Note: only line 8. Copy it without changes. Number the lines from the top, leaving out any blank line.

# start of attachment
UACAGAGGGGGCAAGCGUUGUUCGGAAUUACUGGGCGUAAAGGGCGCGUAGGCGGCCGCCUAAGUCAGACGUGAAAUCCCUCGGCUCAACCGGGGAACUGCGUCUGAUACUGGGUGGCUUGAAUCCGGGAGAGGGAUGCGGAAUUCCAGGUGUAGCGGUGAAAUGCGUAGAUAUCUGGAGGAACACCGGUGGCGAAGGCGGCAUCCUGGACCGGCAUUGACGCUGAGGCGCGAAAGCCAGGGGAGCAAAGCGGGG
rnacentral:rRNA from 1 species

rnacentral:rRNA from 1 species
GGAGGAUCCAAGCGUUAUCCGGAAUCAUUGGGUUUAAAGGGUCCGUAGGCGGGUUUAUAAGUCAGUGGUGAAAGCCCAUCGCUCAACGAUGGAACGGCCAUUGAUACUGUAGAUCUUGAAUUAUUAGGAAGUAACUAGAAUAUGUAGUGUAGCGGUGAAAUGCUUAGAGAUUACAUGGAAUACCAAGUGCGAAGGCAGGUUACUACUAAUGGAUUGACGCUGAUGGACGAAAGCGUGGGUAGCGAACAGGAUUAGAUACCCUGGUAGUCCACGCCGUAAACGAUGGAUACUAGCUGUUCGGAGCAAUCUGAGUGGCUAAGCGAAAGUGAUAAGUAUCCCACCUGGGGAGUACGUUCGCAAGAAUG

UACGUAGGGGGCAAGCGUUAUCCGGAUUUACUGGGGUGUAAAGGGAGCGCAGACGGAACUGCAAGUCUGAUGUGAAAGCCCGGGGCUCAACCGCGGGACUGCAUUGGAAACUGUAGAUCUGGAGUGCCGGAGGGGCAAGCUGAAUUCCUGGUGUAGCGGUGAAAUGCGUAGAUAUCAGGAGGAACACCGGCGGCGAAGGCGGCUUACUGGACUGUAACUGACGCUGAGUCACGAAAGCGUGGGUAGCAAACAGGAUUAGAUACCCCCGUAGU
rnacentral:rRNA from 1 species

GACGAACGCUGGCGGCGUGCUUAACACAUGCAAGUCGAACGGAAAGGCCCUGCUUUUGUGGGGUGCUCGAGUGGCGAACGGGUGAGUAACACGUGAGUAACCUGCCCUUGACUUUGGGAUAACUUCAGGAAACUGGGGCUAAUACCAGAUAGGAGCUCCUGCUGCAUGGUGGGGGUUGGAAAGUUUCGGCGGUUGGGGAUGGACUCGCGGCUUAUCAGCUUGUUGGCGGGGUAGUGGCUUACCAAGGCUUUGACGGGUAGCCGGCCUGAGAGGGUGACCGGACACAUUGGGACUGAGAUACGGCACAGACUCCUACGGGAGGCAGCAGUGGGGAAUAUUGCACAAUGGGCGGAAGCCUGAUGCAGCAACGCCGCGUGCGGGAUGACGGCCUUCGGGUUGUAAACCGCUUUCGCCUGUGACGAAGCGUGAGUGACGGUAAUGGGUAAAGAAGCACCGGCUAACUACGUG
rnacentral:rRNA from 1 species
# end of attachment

rnacentral:rRNA from 1 species